Tuesday, February 24, 2009

“Legacy Code is Code Without Tests”

I wish I’d come up with that phrase first, but it was Michal Feathers who stated this in his “Working effectively with legacy code”. It’s a great statement, and it pretty much sums up what testing is all about; if you’re not covered by tests, it is hard to refactor and change the code and at the same time know that you didn’t break anything. And if you have code that is resistant to change or that makes you nervous every time you touch it, then you have code that won’t be changed. You have legacy code. And you can try to wrap it, hide it, and forget it, but someday it will blow up. And someday you’ll have to go in there and make it work. But you won’t have any safety net. You’ll have to change something you do not know the reach of, and you’ll have to do it blindfolded and pray that your changes aren’t going to break something somewhere else. But I promise you; it will.

image And man I can tell you; it is good to be a consultant with skills in a technology where the software industry hasn’t had time to produce that much legacy code yet! That alone should be a good enough reason for you to invest some of your time into learning new skills. Skills that make you more valuable in the projects that produce new code, instead of maintaining legacy code that someone else hacked together years ago. It’s those green field projects that are fun!

And because there’s not that much WPF-based apps out there yet, there can still be time to save some poor souls from aiming at that same old pit of failure. The pit of strongly coupled, untestable, monolithic monsters. There’s hope and I believe in the goodness of coders. I believe that we want to make solid code. I believe that we want to produce code that is maintainable and changeable. And I believe that we, the residents of the software community, can make the leap into software craftsmanship. It’s just a matter of making those right choices. And I believe that loose couplings, testability and modularity are definitely the right choices in most cases. These are the key principles that will make you a better person (or at least a better developer).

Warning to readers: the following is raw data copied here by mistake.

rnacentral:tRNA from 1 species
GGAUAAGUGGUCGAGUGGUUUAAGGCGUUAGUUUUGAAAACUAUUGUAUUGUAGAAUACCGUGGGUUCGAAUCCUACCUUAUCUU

Loose couplings and testability are tightly coupled (touché!). If you’re doing test-driven development, or behavior-driven development, or any other development practice that use tests to drive the design, you will end up with code that is loosely coupled. And if you’re building an app with loose couplings between modules and classes, you’ll end up with code that lends itself to testing very well. And testable, loosely coupled systems will be easier to maintain and change than a tightly coupled system with no tests to verify your code.

Modularity is another beast though. Modularity is about splitting the application in to pieces that multiple teams can work on in parallel - without getting in the way of each other. Modularity is about scalability and maintainability. Adding new functionality without ending up with a logarithmicimage time/functionality curve is an important factor in software development (maybe not for you and me, but for those white collars* that are deciding whether to fund or close down your project, predictability is extremely important). And modularity is about mastering complexity. How do you master too complex challenges? You break it down in to smaller, more manageable parts. And in software terms those parts are modules.

So if you take these 3 ingredients – loose couplings, testability, and modularity – and you shake it together with WPF (shake, not stir), you’ll have a fantastic opportunity to do WPF right. You’ll end up with code, not legacy code.

imageIf you’re in Stavanger on the 5th of March, Bergen on the 10th, Trondheim on the 12th or in Oslo on the 19th of March, you can hear me and my colleague Pål Fossmo give a talk on this topic at the MSDN Live event.



* Which btw just managed to bankrupt Iceland and is about to break the back of some of the strongest economies in the world… how the he** did they do that?!